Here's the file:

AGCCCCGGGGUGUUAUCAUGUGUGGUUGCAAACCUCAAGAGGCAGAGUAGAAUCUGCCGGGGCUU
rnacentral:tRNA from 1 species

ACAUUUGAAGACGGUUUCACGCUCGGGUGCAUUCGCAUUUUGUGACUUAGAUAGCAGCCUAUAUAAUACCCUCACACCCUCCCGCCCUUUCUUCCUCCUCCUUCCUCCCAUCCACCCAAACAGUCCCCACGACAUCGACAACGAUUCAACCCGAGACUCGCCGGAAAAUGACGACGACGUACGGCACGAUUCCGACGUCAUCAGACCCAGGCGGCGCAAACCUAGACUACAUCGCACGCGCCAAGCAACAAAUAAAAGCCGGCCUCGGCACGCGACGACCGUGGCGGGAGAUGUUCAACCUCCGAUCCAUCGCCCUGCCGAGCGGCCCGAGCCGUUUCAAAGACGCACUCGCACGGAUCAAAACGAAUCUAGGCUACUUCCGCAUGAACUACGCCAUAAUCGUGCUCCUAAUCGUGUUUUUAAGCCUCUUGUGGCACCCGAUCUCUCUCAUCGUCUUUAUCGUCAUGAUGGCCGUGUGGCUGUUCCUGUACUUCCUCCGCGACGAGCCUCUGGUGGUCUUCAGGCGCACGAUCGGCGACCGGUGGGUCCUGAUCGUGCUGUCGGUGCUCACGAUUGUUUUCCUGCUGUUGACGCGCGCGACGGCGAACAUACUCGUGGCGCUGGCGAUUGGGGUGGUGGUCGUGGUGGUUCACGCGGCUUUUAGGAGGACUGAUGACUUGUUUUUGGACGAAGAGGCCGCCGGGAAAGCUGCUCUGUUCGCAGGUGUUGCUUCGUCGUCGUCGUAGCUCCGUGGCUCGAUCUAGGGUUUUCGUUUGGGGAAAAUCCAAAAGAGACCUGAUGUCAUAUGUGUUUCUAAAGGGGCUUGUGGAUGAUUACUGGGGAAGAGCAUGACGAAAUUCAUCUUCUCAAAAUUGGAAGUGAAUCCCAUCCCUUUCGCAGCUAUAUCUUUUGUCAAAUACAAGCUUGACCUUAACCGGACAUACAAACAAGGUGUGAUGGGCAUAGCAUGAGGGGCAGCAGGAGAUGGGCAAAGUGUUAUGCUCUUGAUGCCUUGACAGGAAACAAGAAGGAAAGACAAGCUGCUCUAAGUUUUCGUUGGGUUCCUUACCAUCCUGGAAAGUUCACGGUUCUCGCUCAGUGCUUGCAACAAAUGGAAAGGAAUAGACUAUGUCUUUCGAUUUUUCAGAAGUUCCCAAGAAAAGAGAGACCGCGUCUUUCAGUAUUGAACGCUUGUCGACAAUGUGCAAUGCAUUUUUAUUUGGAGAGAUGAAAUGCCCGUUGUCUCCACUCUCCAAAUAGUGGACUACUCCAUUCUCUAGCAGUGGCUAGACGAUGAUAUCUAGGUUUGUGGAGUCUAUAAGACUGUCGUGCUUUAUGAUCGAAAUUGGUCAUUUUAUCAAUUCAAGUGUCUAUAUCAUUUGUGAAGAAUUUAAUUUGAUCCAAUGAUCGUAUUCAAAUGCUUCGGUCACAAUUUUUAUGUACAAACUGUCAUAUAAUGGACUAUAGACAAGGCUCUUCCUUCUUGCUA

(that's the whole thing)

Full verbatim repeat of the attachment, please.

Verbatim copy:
AGCCCCGGGGUGUUAUCAUGUGUGGUUGCAAACCUCAAGAGGCAGAGUAGAAUCUGCCGGGGCUU
rnacentral:tRNA from 1 species

ACAUUUGAAGACGGUUUCACGCUCGGGUGCAUUCGCAUUUUGUGACUUAGAUAGCAGCCUAUAUAAUACCCUCACACCCUCCCGCCCUUUCUUCCUCCUCCUUCCUCCCAUCCACCCAAACAGUCCCCACGACAUCGACAACGAUUCAACCCGAGACUCGCCGGAAAAUGACGACGACGUACGGCACGAUUCCGACGUCAUCAGACCCAGGCGGCGCAAACCUAGACUACAUCGCACGCGCCAAGCAACAAAUAAAAGCCGGCCUCGGCACGCGACGACCGUGGCGGGAGAUGUUCAACCUCCGAUCCAUCGCCCUGCCGAGCGGCCCGAGCCGUUUCAAAGACGCACUCGCACGGAUCAAAACGAAUCUAGGCUACUUCCGCAUGAACUACGCCAUAAUCGUGCUCCUAAUCGUGUUUUUAAGCCUCUUGUGGCACCCGAUCUCUCUCAUCGUCUUUAUCGUCAUGAUGGCCGUGUGGCUGUUCCUGUACUUCCUCCGCGACGAGCCUCUGGUGGUCUUCAGGCGCACGAUCGGCGACCGGUGGGUCCUGAUCGUGCUGUCGGUGCUCACGAUUGUUUUCCUGCUGUUGACGCGCGCGACGGCGAACAUACUCGUGGCGCUGGCGAUUGGGGUGGUGGUCGUGGUGGUUCACGCGGCUUUUAGGAGGACUGAUGACUUGUUUUUGGACGAAGAGGCCGCCGGGAAAGCUGCUCUGUUCGCAGGUGUUGCUUCGUCGUCGUCGUAGCUCCGUGGCUCGAUCUAGGGUUUUCGUUUGGGGAAAAUCCAAAAGAGACCUGAUGUCAUAUGUGUUUCUAAAGGGGCUUGUGGAUGAUUACUGGGGAAGAGCAUGACGAAAUUCAUCUUCUCAAAAUUGGAAGUGAAUCCCAUCCCUUUCGCAGCUAUAUCUUUUGUCAAAUACAAGCUUGACCUUAACCGGACAUACAAACAAGGUGUGAUGGGCAUAGCAUGAGGGGCAGCAGGAGAUGGGCAAAGUGUUAUGCUCUUGAUGCCUUGACAGGAAACAAGAAGGAAAGACAAGCUGCUCUAAGUUUUCGUUGGGUUCCUUACCAUCCUGGAAAGUUCACGGUUCUCGCUCAGUGCUUGCAACAAAUGGAAAGGAAUAGACUAUGUCUUUCGAUUUUUCAGAAGUUCCCAAGAAAAGAGAGACCGCGUCUUUCAGUAUUGAACGCUUGUCGACAAUGUGCAAUGCAUUUUUAUUUGGAGAGAUGAAAUGCCCGUUGUCUCCACUCUCCAAAUAGUGGACUACUCCAUUCUCUAGCAGUGGCUAGACGAUGAUAUCUAGGUUUGUGGAGUCUAUAAGACUGUCGUGCUUUAUGAUCGAAAUUGGUCAUUUUAUCAAUUCAAGUGUCUAUAUCAUUUGUGAAGAAUUUAAUUUGAUCCAAUGAUCGUAUUCAAAUGCUUCGGUCACAAUUUUUAUGUACAAACUGUCAUAUAAUGGACUAUAGACAAGGCUCUUCCUUCUUGCUA